Quanta, the company that builds Amazon’s Kindle Fire tablet, has already shipped between 3 and 4 million of the devices. DigiTimes, which monitors hardware makers in Asia, reported the news on Friday. As if that wasn’t enough evidence about the potential success Amazon could see with the Kindle Fire, DigiTimes reports that production orders going forward are increasing.
The data from DigiTimes gains credence from iSuppli, which also reported news related to Amazon Kindle Fire sales on Friday. The research company estimates Amazon will sell 3.9 million Kindle Fire tablets this quarter. If correct, Amazon will have leapfrogged sales of all other tablets based on Google’s Android operating system.
To be fair, most large tablets running Android use a special, tablet-optimized version of Android called Honeycomb. Amazon chose to use the Gingerbread version of Android, which is actually aimed at smartphones. Amazon created a custom launcher and optimized its own software for use on Gingerbread, making for a tablet-like experience that can even be ported to other 7-inch tablets.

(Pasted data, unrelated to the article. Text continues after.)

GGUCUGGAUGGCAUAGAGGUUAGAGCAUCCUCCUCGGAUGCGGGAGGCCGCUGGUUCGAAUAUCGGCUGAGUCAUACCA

The Kindle Fire isn’t for everyone who’s shopping for a tablet due to its limitations, but what it does, it generally does well. Consumers looking for a portable slate that has no monthly charges, but can be used for movies, TV shows, books, magazines, email, web surfing and third-party apps can get that experience for $199. When I checked Amazon’s site this morning, the Kindle Fire was the most popular tablet and the most wished for on the site.
No, the Kindle Fire isn’t an iPad, but it’s less than half the price and is backed by a comparable ecosystem of media and software. Perhaps that’s a recipe for success other Android tablet makers have overlooked when it comes to mainstream consumers, such as my wife. I bought a Kindle Fire and after just a few days, she claimed ownership and can’t seem to put the device down!